Most recent update: Wednesday, April 1, 2020 - 08:35

Bariatric News - Cookies & privacy policy

You are here

Bone metabolism

Study to examine changes in bone metabolism after surgery

STudy will compare bone metabolism in sleeve and bypass patients

Duke University is heading a study that will determine the changes in bone metabolism after bariatric surgery in postmenopausal women. The study, which will be supported by the Society of American Gastrointestinal Endoscopic Surgeons (SAGES), will enrol up to 40 postmenopausal female subjects with class II and III obesity from the Duke Center for Metabolic and Weight Loss Surgery.

The study team will recruite subjects that are already being scheduled for either sleeve gastrectomy or Roux-en-Y gastric bypass, and will measure osteoclast activity, the osteoblast activity, and the bone mineral density in all subjects preoperatively and 12 months postoperatively through research specific blood tests and Dual energy x-ray Absorptiometry (DEXA) scans.

The primary endpoints of the ‘Determining changes in bone metabolism after bariatric surgery in postmenopausal women’ study, are changes in osteoclast activity as measured by C-terminal telopeptide of type I collagen and change in bone density as measured by DEXA scan.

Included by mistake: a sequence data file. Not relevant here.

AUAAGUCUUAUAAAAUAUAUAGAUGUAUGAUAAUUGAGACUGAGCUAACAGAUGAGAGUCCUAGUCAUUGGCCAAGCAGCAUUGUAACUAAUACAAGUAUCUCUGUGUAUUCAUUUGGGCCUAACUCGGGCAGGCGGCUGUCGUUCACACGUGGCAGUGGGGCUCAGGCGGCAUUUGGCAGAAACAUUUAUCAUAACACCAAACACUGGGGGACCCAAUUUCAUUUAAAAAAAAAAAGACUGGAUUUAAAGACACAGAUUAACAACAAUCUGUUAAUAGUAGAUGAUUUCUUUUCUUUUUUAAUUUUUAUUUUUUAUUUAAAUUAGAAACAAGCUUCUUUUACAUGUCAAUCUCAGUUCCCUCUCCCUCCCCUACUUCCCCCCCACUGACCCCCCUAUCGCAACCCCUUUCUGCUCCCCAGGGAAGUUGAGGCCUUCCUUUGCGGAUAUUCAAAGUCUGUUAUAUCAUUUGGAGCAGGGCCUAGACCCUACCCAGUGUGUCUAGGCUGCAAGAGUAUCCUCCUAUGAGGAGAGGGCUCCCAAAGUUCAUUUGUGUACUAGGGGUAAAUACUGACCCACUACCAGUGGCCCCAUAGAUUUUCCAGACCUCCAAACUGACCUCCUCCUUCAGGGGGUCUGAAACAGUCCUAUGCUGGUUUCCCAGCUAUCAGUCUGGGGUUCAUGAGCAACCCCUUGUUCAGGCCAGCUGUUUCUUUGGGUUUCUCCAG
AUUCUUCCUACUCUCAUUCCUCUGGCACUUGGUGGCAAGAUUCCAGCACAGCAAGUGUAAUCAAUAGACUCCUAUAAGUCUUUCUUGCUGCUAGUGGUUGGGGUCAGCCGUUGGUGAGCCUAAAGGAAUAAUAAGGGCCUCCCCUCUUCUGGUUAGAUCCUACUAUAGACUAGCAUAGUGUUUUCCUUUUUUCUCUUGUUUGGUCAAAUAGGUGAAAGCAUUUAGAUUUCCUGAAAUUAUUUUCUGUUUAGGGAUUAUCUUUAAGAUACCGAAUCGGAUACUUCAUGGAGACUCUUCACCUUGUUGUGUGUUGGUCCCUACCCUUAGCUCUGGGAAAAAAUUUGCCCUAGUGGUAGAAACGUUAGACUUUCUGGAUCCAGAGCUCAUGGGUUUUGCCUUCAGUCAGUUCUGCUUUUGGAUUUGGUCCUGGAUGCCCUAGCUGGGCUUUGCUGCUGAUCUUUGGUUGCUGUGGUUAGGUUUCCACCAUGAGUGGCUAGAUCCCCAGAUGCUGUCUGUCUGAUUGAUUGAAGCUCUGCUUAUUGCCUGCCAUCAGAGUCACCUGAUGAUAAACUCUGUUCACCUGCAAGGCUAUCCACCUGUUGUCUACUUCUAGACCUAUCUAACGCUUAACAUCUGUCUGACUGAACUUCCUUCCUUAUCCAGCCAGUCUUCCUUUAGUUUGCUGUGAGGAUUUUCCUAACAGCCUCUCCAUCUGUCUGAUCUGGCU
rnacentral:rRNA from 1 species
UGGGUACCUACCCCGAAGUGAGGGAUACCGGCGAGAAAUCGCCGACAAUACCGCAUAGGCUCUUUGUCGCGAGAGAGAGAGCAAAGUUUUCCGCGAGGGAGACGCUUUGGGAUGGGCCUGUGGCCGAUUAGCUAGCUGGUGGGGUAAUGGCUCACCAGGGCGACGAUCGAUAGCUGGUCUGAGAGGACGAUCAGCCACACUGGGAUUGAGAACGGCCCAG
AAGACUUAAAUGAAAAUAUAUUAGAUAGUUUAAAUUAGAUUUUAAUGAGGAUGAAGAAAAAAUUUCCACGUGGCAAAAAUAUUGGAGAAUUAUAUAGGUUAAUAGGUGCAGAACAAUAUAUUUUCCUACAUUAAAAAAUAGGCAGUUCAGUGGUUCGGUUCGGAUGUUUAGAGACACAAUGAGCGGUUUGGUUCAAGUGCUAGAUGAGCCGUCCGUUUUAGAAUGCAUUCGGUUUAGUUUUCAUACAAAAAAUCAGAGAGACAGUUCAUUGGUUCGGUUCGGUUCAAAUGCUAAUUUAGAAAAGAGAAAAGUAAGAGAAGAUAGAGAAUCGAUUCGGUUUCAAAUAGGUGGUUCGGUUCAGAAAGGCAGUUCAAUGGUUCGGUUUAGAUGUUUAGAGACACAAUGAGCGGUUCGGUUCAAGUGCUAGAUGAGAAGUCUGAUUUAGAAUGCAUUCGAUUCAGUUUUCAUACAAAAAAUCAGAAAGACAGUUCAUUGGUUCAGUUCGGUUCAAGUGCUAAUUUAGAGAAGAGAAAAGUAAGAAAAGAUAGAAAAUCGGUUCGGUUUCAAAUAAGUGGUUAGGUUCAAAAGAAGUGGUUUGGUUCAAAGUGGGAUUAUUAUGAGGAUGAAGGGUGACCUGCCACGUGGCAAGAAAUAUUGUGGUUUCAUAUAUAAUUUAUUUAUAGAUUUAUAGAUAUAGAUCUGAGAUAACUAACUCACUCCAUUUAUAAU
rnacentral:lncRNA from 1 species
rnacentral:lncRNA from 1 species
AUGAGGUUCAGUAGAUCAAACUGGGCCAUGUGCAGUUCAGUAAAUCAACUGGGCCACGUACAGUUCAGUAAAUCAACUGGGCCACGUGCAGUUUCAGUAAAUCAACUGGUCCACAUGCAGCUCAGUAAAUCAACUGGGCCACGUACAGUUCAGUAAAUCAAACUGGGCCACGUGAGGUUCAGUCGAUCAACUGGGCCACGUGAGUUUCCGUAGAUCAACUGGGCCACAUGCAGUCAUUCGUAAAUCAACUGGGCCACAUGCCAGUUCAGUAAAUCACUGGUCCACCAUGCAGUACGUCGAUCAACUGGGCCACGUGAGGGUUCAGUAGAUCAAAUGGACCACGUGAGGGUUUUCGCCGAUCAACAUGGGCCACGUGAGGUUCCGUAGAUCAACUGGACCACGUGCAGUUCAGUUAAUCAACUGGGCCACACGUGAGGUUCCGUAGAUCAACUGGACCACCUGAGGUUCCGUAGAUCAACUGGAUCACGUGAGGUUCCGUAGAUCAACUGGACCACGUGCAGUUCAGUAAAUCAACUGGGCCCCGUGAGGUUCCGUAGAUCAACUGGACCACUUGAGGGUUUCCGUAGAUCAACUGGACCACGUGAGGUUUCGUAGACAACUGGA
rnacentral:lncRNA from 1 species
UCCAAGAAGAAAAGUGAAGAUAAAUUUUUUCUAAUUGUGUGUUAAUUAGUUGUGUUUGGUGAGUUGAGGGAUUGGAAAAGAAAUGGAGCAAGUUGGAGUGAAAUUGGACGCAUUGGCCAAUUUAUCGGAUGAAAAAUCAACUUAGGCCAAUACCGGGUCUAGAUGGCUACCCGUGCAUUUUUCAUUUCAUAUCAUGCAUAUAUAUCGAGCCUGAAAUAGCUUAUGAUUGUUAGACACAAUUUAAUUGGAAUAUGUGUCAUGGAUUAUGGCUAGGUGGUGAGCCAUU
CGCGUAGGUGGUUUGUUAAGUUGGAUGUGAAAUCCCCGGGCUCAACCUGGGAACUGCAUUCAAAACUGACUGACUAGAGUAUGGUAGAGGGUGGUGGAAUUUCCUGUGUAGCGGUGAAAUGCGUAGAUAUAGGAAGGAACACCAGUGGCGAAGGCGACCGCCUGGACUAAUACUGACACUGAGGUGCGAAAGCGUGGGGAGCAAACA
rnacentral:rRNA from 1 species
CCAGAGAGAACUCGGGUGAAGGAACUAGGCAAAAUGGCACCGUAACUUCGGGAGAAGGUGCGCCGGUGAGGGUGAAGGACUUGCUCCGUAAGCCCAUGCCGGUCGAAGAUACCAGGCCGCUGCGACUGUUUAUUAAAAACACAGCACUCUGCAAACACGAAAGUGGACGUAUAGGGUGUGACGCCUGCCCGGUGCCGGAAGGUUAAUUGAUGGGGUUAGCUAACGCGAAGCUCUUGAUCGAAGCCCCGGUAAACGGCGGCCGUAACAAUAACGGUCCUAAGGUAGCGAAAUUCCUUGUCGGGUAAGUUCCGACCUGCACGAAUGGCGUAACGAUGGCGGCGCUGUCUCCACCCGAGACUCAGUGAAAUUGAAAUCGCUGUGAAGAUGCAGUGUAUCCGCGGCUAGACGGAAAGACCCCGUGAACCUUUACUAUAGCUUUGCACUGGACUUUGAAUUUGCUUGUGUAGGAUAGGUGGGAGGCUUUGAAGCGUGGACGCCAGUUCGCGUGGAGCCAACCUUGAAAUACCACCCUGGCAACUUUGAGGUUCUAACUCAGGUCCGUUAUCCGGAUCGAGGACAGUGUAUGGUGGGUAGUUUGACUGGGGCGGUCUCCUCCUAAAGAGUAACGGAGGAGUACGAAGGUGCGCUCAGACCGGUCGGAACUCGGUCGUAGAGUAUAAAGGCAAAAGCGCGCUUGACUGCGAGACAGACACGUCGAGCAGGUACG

As the study will include a small number of patients, the investigators will use a non-parametric Wilcoxon rank-sum test to compare the difference in one year change in these variables. The principal investigator of the study is Dr Alfonso Torquati from Duke University.

Secondary outcome measures include biochemical changes in bone, which will be determined by collecting serum from the subjects preoperatively and 12 months postoperatively. The serum will be used at the completion of the study to run enzyme-linked immunosorbent assay (ELISA) to determine biochemical changes in their bone metabolism.

The study is expected to be completed in June 2014.

Want more stories like this? Subscribe to Bariatric News!

Bariatric News
Keep up to date! Get the latest news in your inbox. NOTE: Bariatric News WILL NOT pass on your details to 3rd parties. However, you may receive ‘marketing emails’ sent by us on behalf of 3rd parties.